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Re: Electracy: Evil Revisited
"L. Detweiler" says:
> Buried in my latest delirious rant were multiple *pragmatic*
> descriptions of Electronic Democracy, and to my great chagrin all have
> been virtually completely ignored, save one thoughtful soul responding
> to me in email, who I've exhorted to post to the list. Where is the
> picking apart of the pieces? I expected the highly suggestive details
> to be pounced on like scrumptious food for further thought or (more
> likely) carrion for vultures, but instead get the standard vague
> marshmallow-philosophical Libertarian and Anarchic Promotional Literature.
Look, people on this list have many different political views.
Political views qua political views do not belong on this list.
However, you seem to insist. I will therefore indulge you.
> I'm really quite amazed at all the deathly pessimism and antipathy
> herein toward genuinely improving our governmental system. It seems
> that many believe that the natural state of `their' government is
> oppression, and that the goal is only to minimize it. The perverted
> Majority is fundamentally and invariably Untrustworthy, Capricious, and
> Painfully Stupid. It is always stated in terms of Us and They. But
> *we* *are* our government. How can it not be more obvious? What does it
> say about our character if we are resigned to deprivation?
WE ARE NOT OUR GOVERNMENT.
I have an interesting fact for you, Mr. Detweiler. I did not choose
the government I live under. I chose none of its parts, agreed to none
of its actions, selected none of its members (not one person I've ever
voted for has been elected, and I only vote in self defense, not as an
endorsement of the system), and I agree with virtually none of its
actions. Sadly, this is the best country I know of to live in, so
leaving is not an option. However, don't for one minute claim that
this is *my* government. It is the government that rules me, to be
sure, but it is my master, not my servant. I would not choose to have
it operate as it does were I given the choice. It is not mine.
Perhaps you are in control of the government, in which case I would
ask that you explain to your servants in Washington that I am not
undertaxed, am old enough to choose my own lifestyle and decide for
myself whether I should ingest any chemicals I happen to find, can
fend for myself in negotiating with employers and shopkeepers, and in
general have no desire for their protection or, as I view it,
So far as I can tell, government is run Of the Bureaucrats, By the
Bureaucrats, For the Bureaucrats. It is an oozing flatulent behemoth
that eats everything in sight and then blames the state of its victims
on the fact that it doesn't have enough to eat.
The very notion of voting on issues makes no sense. From whence does
the majority gain the right to rule me? If five people are sitting in
a room, and three of them vote to rape the other two, that does not
make it right. If one hundred people are sitting on a desert island,
and 70 of them vote to enslave the other 30, that does not make it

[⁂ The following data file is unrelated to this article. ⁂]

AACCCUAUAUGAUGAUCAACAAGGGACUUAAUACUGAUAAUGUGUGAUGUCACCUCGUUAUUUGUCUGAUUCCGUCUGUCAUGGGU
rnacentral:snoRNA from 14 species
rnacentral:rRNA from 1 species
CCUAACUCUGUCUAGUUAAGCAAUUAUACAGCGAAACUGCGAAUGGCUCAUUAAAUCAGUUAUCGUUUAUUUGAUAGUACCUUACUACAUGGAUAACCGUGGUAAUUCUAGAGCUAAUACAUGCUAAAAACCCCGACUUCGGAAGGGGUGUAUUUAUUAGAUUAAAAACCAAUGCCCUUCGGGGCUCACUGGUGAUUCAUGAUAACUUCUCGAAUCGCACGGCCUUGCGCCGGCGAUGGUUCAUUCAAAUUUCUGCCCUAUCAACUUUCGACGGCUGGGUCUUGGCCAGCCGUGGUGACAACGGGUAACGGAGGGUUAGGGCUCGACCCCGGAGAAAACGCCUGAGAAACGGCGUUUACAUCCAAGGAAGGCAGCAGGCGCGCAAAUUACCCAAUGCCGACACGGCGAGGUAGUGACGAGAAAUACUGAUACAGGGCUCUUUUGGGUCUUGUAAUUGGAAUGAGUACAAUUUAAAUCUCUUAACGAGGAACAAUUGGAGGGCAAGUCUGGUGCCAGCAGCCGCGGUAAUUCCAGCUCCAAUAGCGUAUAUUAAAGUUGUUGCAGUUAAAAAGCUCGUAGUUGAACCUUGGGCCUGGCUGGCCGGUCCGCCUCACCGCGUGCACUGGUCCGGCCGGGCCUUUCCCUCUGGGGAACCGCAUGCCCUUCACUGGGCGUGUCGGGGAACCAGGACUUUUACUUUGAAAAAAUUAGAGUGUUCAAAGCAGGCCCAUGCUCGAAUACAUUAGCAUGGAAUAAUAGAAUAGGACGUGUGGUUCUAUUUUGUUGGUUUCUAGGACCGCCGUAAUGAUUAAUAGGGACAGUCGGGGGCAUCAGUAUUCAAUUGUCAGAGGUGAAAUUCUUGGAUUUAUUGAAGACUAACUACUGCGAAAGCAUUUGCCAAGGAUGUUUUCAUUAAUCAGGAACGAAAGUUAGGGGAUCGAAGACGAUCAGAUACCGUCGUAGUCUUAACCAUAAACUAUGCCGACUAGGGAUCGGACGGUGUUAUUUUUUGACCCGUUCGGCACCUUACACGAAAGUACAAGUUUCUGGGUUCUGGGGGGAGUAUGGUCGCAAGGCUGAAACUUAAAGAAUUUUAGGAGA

right. If a gang of 15 people comes upon a couple sitting in a park,
and they decide to hold an "election" to decide whether or not to beat
up the other two, that does not lend legitimacy to the actions of the
15. Why, then, should the whims of 100 million people sitting in their
living rooms with video game consoles decide the fate of those who
find themselves on the losing end of the vote?
In ancient Athens, they had a direct democracy. Allow me to describe
to you what they did with it. Among other fun practices, like
enslaving half the population because they felt like it, the Athenians
would periodically get together and decide they wanted to kick someone
out of town, so they would get together Ostracons, meaning pottery
shards, and write down the names of the folks they didn't like on
them. The guy who got the most Ostracons was Ostracized. Fun folks,
eh? Well, thats what you want to do, but on a national scale.
Athens would periodically get a charismatic leader, like Pericles, who
would manage by demagoguery to take control and impose nearly
dictatorial rule. (The word demagogue comes from the same greek roots
as the word democracy, by the way).
Imagine if every year only one company was allowed to make cars, and
we picked the company by vote. One year we would get Chryslers, and
one year Fords, and we could never compare them or choose a car of our
own desiring. We would just get this massive campaign every year for
the franchise. Well, everything government does is like that -- no
chance for comparison, no efficiency, choices made on the basis of
short and massive campaigns, and no sense.
I will be happiest when all that is forbidden is initiating force
against others or their property. I will be reasonably happy when the
government is crippled enough that it can make no decisions -- the
founding fathers tried that, and sadly it didn't work for long, but it
did last for a while. It is often said that no man's life, liberty or
property are safe when the legislature is in session. In an Electronic
Direct Democracy the legislature will never be out of session. It will
rule people's lives like the most iron-fisted dictatorship you can
People often confound liberty and democracy. The one means freedom --
the other is merely a form of government. Democracy does not
necessarily generate liberty, and more democracy does not mean more